By Matt Brownell
There's nothing more expensive than spending money you don't have. That, of course, is a lesson you might learn the hard way if you carry a balance on a high-interest credit card. But spending beyond your means can be a pricey proposition even with a debit card.
Bankrate.com released its annual checking survey Monday, assessing the fees charged for various services associated with checking accounts. Perhaps the most notable finding was that only 39% of banks offer totally free checking with no minimum balance requirements, down from 45% in 2011. (With that said, customers have become adept at finding ways to get their checking services for free checking, with 59% of Americans recently reporting that they pay nothing for their checking account.)
But in addition to those findings, the checking account survey contained a good reminder to banking customers: The costliest thing you can do with your checking account is to overdraft your account while signed up for overdraft protection.
Sure, your wallet can suffer death by a thousand cuts if you get charged for monthly maintenance fees (which average $5.48 a month, up 25% over last year, according to Bankrate) or use out-of-network ATMs ($2.50 to the ATM owner and $1.57 to your own bank, on average). But the biggest single fee remains the dreaded nonsufficient funds (NSF) fee, which now averages $31.26.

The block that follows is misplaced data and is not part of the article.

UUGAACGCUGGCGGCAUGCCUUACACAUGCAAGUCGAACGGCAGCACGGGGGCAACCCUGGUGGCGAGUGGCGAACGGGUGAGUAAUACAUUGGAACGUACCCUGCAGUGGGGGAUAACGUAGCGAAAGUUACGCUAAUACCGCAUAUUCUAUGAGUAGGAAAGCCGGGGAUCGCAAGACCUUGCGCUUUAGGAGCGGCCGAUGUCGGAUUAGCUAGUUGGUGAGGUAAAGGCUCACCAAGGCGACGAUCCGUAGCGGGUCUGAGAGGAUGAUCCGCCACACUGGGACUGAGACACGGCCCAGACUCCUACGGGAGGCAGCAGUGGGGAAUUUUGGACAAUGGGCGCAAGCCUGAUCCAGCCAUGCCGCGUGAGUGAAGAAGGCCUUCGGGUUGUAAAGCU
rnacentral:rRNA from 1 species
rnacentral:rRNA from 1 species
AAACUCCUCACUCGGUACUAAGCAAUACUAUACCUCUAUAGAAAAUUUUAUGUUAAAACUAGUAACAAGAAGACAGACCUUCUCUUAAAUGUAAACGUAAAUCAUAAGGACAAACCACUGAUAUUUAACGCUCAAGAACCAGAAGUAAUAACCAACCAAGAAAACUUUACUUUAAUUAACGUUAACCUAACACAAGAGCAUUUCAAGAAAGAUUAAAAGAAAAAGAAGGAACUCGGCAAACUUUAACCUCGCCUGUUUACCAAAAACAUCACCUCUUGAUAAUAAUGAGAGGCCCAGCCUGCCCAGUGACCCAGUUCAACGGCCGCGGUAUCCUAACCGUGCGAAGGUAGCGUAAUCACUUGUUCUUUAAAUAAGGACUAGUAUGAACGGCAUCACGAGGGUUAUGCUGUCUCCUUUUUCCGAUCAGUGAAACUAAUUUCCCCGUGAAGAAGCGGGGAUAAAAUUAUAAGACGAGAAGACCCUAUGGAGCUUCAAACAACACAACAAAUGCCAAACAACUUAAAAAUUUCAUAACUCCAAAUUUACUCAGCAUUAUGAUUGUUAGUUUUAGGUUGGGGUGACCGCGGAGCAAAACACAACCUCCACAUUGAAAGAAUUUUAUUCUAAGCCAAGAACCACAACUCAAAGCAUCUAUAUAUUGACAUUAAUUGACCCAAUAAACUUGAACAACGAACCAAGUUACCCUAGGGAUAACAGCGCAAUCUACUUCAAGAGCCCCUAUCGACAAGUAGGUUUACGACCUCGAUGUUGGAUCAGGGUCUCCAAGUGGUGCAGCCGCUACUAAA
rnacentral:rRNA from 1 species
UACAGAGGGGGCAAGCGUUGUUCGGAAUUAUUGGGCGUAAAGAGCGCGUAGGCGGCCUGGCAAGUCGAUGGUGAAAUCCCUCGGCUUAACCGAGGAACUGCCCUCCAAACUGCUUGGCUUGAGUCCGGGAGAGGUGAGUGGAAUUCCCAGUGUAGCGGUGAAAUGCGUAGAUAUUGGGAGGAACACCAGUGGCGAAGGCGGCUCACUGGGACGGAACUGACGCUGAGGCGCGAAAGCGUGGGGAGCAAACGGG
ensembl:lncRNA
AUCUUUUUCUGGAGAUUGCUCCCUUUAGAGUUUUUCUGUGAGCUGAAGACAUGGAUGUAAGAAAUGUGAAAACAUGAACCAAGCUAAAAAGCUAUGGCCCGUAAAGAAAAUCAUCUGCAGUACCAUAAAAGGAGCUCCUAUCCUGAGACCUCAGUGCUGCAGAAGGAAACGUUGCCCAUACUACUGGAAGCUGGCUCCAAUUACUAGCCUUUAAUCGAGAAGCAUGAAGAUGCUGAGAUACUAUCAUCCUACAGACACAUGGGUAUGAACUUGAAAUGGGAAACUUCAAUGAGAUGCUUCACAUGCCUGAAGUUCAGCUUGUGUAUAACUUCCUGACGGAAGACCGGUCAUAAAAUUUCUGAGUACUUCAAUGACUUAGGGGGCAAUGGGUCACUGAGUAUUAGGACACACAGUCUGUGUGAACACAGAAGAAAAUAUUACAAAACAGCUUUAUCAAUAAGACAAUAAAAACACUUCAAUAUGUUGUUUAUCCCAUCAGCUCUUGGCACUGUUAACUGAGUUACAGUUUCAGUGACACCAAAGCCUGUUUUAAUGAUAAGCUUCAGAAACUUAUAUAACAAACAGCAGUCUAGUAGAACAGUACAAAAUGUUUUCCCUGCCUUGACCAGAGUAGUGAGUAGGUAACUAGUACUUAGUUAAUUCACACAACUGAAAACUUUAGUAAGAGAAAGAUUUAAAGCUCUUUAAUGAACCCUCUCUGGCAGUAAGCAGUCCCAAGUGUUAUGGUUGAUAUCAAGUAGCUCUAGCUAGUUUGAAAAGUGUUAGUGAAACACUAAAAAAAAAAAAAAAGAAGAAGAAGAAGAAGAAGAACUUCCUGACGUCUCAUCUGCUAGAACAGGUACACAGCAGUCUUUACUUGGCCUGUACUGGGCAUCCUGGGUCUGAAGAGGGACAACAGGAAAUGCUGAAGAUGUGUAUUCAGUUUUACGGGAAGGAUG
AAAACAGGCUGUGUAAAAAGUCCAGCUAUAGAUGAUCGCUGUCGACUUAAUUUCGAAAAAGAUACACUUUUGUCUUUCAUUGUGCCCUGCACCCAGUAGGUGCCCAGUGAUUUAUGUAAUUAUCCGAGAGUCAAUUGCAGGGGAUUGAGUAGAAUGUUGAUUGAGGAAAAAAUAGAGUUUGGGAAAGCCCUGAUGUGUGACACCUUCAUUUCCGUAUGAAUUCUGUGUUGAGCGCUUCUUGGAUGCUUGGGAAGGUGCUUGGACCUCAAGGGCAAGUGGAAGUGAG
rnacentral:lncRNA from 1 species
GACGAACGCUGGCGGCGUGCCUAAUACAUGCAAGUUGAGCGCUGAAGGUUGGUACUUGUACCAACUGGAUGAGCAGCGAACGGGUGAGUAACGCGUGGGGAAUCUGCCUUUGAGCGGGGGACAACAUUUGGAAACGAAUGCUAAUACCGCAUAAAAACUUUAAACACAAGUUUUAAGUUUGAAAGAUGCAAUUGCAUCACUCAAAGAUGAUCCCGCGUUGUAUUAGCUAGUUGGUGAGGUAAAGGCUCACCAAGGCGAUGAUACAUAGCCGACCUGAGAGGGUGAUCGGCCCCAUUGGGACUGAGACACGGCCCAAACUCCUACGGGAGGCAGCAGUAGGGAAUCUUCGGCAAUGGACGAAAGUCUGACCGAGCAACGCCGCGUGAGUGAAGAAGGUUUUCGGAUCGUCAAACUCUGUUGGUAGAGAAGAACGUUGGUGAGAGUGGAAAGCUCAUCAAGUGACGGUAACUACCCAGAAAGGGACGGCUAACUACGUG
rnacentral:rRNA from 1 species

A new study by Moebs Services found that "overdrafts made a strong comeback," increasing 2.1 percent to $31.5 billion for the year ending June 30, 2012, from $30.8 billion in June 30, 2011. The $700 million bump up came from an increase in price and a decrease in the number of overdrafts.
The category of fee includes both bounced checks and overdraft protection on your debit card, but the takeaway is the same: If you try to spend money you don't have, your already meager balance will get hit hard. At Bank of America, for instance, bouncing a check or requiring the use of overdraft protection will each cost you $35.
The good news is that you'll need to opt in to the costly overdraft protection service (unless it's a store credit card), so if you're charged such a fee it's because you chose the sting of the fee over the embarrassment of having your debit card turned down. Still, with consumers expressing confusion over their banks' fee structures and banks ordering transactions in such a way as to maximize their collection of such fees, people continue to get hit with the mother of all fees.
This article originally appeared on Credit.com. Matt Brownell is a contributing writer to Credit.com.